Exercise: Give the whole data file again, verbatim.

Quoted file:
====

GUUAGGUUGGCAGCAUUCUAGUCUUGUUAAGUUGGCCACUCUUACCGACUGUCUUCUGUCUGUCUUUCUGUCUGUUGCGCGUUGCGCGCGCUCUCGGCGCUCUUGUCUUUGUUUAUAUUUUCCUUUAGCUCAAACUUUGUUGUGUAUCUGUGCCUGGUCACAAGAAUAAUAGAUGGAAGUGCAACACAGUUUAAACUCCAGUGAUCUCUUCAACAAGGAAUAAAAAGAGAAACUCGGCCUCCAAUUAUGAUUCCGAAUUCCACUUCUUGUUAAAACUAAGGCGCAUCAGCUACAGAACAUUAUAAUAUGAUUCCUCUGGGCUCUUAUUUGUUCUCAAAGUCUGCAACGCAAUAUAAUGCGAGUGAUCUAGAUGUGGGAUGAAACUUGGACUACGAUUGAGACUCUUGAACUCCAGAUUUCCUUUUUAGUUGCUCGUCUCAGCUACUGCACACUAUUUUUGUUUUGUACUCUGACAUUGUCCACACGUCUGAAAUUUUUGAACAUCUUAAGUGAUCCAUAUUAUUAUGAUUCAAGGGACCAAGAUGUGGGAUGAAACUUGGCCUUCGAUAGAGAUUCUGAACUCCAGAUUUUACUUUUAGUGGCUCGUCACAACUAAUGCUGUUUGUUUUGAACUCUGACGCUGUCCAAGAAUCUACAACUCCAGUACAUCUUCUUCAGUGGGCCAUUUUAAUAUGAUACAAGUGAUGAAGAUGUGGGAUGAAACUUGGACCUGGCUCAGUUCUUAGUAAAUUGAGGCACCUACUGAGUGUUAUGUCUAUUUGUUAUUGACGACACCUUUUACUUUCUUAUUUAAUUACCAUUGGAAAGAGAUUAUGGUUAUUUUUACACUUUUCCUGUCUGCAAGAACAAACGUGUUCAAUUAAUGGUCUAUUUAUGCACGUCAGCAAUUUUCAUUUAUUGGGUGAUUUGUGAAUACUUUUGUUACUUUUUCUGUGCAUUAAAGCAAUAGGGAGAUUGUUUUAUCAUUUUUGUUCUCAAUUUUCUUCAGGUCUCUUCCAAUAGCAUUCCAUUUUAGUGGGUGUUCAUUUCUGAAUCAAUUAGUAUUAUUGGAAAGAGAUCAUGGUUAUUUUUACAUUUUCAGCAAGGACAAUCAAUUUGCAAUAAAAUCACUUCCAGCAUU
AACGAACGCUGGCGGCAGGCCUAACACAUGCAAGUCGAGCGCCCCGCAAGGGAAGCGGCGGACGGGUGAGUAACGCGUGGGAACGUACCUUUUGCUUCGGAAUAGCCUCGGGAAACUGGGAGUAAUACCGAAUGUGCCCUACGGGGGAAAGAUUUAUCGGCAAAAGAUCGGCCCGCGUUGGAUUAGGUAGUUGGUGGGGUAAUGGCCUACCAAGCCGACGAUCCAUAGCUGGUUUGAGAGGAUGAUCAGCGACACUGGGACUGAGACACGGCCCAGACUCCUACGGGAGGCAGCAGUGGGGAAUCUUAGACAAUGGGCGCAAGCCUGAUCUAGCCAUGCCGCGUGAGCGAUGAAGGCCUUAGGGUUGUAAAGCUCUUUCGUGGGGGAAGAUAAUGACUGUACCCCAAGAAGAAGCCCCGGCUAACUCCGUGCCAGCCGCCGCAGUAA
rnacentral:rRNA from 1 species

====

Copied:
GUUAGGUUGGCAGCAUUCUAGUCUUGUUAAGUUGGCCACUCUUACCGACUGUCUUCUGUCUGUCUUUCUGUCUGUUGCGCGUUGCGCGCGCUCUCGGCGCUCUUGUCUUUGUUUAUAUUUUCCUUUAGCUCAAACUUUGUUGUGUAUCUGUGCCUGGUCACAAGAAUAAUAGAUGGAAGUGCAACACAGUUUAAACUCCAGUGAUCUCUUCAACAAGGAAUAAAAAGAGAAACUCGGCCUCCAAUUAUGAUUCCGAAUUCCACUUCUUGUUAAAACUAAGGCGCAUCAGCUACAGAACAUUAUAAUAUGAUUCCUCUGGGCUCUUAUUUGUUCUCAAAGUCUGCAACGCAAUAUAAUGCGAGUGAUCUAGAUGUGGGAUGAAACUUGGACUACGAUUGAGACUCUUGAACUCCAGAUUUCCUUUUUAGUUGCUCGUCUCAGCUACUGCACACUAUUUUUGUUUUGUACUCUGACAUUGUCCACACGUCUGAAAUUUUUGAACAUCUUAAGUGAUCCAUAUUAUUAUGAUUCAAGGGACCAAGAUGUGGGAUGAAACUUGGCCUUCGAUAGAGAUUCUGAACUCCAGAUUUUACUUUUAGUGGCUCGUCACAACUAAUGCUGUUUGUUUUGAACUCUGACGCUGUCCAAGAAUCUACAACUCCAGUACAUCUUCUUCAGUGGGCCAUUUUAAUAUGAUACAAGUGAUGAAGAUGUGGGAUGAAACUUGGACCUGGCUCAGUUCUUAGUAAAUUGAGGCACCUACUGAGUGUUAUGUCUAUUUGUUAUUGACGACACCUUUUACUUUCUUAUUUAAUUACCAUUGGAAAGAGAUUAUGGUUAUUUUUACACUUUUCCUGUCUGCAAGAACAAACGUGUUCAAUUAAUGGUCUAUUUAUGCACGUCAGCAAUUUUCAUUUAUUGGGUGAUUUGUGAAUACUUUUGUUACUUUUUCUGUGCAUUAAAGCAAUAGGGAGAUUGUUUUAUCAUUUUUGUUCUCAAUUUUCUUCAGGUCUCUUCCAAUAGCAUUCCAUUUUAGUGGGUGUUCAUUUCUGAAUCAAUUAGUAUUAUUGGAAAGAGAUCAUGGUUAUUUUUACAUUUUCAGCAAGGACAAUCAAUUUGCAAUAAAAUCACUUCCAGCAUU
AACGAACGCUGGCGGCAGGCCUAACACAUGCAAGUCGAGCGCCCCGCAAGGGAAGCGGCGGACGGGUGAGUAACGCGUGGGAACGUACCUUUUGCUUCGGAAUAGCCUCGGGAAACUGGGAGUAAUACCGAAUGUGCCCUACGGGGGAAAGAUUUAUCGGCAAAAGAUCGGCCCGCGUUGGAUUAGGUAGUUGGUGGGGUAAUGGCCUACCAAGCCGACGAUCCAUAGCUGGUUUGAGAGGAUGAUCAGCGACACUGGGACUGAGACACGGCCCAGACUCCUACGGGAGGCAGCAGUGGGGAAUCUUAGACAAUGGGCGCAAGCCUGAUCUAGCCAUGCCGCGUGAGCGAUGAAGGCCUUAGGGUUGUAAAGCUCUUUCGUGGGGGAAGAUAAUGACUGUACCCCAAGAAGAAGCCCCGGCUAACUCCGUGCCAGCCGCCGCAGUAA
rnacentral:rRNA from 1 species